In 1928, Ballard’s Don Ibsen nailed tennis shoes to planks of wood with wide tips, then flagged down boaters on Lake Washington to try out his homemade water skis. He soon earned recognition as one of the sport’s founders.
In 1972, three former Boeing engineers—two of whom had been ejected in the company’s infamous mass layoffs—replaced closed-cell foam sleeping pads with a self-inflating air mattress that insulated a camper from the cold ground. They dubbed the product Therm-a-Rest.
Trapper Nelson Packboard
The sealskin packboard of a Native guide in Alaska inspired Lloyd Nelson to develop a frame pack that redistributed weight on the shoulders for an easier carry. Though he struggled to market it in the 1920s, the Bremerton shipyard worker’s design formed the basis of modern backpacking gear.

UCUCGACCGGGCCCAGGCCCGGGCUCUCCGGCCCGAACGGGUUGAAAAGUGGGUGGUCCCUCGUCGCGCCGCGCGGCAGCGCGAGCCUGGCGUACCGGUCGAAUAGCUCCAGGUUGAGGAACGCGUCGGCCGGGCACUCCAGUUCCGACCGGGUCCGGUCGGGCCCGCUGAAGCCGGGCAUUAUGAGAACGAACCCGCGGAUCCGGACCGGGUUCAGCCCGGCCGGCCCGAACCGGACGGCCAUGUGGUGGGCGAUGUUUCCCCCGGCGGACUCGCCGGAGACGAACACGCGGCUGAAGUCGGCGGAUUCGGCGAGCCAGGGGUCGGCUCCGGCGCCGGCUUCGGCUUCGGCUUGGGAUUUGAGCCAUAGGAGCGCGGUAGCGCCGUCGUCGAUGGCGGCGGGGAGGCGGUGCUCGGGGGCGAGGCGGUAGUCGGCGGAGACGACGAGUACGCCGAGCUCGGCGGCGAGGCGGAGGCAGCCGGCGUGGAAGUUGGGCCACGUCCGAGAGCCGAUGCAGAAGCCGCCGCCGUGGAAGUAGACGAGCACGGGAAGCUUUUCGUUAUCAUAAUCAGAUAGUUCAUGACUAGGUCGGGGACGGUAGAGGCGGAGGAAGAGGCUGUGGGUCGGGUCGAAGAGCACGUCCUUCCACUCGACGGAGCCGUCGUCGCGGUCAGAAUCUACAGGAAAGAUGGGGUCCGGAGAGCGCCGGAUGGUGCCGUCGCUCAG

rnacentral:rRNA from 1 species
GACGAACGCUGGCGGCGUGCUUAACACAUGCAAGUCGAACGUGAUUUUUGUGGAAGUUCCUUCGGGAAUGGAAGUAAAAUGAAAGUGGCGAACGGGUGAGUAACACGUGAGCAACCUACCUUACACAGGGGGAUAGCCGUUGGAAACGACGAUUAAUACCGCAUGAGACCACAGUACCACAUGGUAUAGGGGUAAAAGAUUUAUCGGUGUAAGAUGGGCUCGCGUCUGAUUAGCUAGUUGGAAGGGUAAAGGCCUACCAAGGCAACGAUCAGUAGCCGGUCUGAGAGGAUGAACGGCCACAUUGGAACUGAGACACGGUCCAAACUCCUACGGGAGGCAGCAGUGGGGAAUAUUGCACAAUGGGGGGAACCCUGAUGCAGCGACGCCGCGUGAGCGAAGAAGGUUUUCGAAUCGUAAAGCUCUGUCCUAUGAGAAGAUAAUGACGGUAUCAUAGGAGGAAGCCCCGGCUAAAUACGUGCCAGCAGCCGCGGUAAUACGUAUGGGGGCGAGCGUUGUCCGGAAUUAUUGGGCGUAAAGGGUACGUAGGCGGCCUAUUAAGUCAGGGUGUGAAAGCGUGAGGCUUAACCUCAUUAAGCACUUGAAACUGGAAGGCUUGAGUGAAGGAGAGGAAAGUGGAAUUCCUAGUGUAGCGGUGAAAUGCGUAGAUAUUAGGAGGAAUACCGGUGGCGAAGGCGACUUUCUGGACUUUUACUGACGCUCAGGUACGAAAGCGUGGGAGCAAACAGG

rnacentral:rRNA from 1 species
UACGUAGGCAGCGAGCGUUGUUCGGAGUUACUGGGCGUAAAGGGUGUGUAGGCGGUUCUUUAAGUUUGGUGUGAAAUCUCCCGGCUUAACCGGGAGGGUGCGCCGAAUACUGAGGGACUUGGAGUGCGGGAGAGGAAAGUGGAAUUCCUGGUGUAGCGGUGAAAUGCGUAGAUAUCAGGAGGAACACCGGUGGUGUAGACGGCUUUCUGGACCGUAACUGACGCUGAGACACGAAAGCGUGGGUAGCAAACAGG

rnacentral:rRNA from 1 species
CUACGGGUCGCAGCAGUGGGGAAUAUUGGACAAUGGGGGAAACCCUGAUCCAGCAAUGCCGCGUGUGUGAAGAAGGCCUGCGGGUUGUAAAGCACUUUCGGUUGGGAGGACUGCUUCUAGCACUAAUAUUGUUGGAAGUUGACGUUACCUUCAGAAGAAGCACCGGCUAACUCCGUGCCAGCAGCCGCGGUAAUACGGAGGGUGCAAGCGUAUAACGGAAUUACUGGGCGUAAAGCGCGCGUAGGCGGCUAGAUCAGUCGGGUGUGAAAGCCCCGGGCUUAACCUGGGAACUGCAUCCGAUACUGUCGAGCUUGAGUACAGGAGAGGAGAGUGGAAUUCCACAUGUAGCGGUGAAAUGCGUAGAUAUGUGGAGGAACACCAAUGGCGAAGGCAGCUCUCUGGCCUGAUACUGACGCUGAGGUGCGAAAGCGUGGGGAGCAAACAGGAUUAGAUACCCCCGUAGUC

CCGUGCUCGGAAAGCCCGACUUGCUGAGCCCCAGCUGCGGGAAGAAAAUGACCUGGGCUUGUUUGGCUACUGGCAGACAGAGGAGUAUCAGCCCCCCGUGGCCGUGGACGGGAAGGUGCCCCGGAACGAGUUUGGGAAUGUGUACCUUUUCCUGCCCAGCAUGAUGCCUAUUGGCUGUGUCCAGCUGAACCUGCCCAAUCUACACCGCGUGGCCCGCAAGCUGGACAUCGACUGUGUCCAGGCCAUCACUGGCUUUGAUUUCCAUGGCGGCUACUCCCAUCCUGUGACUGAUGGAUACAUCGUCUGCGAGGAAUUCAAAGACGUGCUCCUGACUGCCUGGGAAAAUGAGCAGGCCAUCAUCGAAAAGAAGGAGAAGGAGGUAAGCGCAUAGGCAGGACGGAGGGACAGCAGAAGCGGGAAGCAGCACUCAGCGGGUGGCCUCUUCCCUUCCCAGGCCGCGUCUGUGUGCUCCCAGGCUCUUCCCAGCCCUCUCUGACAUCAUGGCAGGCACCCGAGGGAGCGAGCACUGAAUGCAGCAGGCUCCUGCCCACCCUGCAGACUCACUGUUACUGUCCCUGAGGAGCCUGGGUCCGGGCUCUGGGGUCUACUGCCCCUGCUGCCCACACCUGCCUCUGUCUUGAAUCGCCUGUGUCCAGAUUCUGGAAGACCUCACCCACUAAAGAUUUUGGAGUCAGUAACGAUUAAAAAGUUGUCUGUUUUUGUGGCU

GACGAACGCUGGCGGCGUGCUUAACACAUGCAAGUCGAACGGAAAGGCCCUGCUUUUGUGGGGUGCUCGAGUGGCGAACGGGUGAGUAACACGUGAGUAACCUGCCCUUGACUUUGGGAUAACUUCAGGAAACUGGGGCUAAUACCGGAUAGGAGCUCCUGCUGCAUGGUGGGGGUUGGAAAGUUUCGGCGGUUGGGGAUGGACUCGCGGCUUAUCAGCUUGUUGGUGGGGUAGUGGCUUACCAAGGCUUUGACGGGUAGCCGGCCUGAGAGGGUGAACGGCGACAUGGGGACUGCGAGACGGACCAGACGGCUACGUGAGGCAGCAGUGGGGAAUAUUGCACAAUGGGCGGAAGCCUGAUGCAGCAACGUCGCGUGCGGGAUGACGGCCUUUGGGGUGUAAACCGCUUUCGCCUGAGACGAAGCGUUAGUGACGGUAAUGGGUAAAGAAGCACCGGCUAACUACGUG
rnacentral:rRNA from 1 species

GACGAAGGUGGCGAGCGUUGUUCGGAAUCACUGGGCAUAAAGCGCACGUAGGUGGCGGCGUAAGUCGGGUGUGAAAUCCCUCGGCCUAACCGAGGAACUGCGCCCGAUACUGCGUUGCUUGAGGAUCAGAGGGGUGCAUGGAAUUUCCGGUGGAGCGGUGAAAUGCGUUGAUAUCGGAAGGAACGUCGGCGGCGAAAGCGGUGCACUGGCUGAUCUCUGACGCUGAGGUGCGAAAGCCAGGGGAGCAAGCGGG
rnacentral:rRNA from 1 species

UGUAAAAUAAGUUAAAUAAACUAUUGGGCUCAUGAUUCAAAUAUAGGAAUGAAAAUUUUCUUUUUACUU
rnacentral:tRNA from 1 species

Vashon Island’s Bill Kirschner created a new way to slice through snow in his veterinary equipment manufacturing shop in the early 1960s, even as a similar version was being developed in Europe. Kirschner founded K2, perfected a wet wrap technique for manufacturing, and tested his designs at Crystal Mountain.
Pained at the discarded toilet paper she saw on a Cascade hike, Everett’s Anastasia Allison upgraded the reusable pee cloth in 2018 with anti-microbial silver thread, a waterproof side festooned with locally produced patterns, and a snap closure to attach to backpacks.
Filson’s precursor to the modern shacket, patented in 1914, owes its longtime popularity to serious outdoorspeople—from Gold Rush hopefuls to members of the U.S. Forest Service to timber cruisers who gave the signature shirt its name.
There’s a truly wild story behind this Eddie Bauer creation.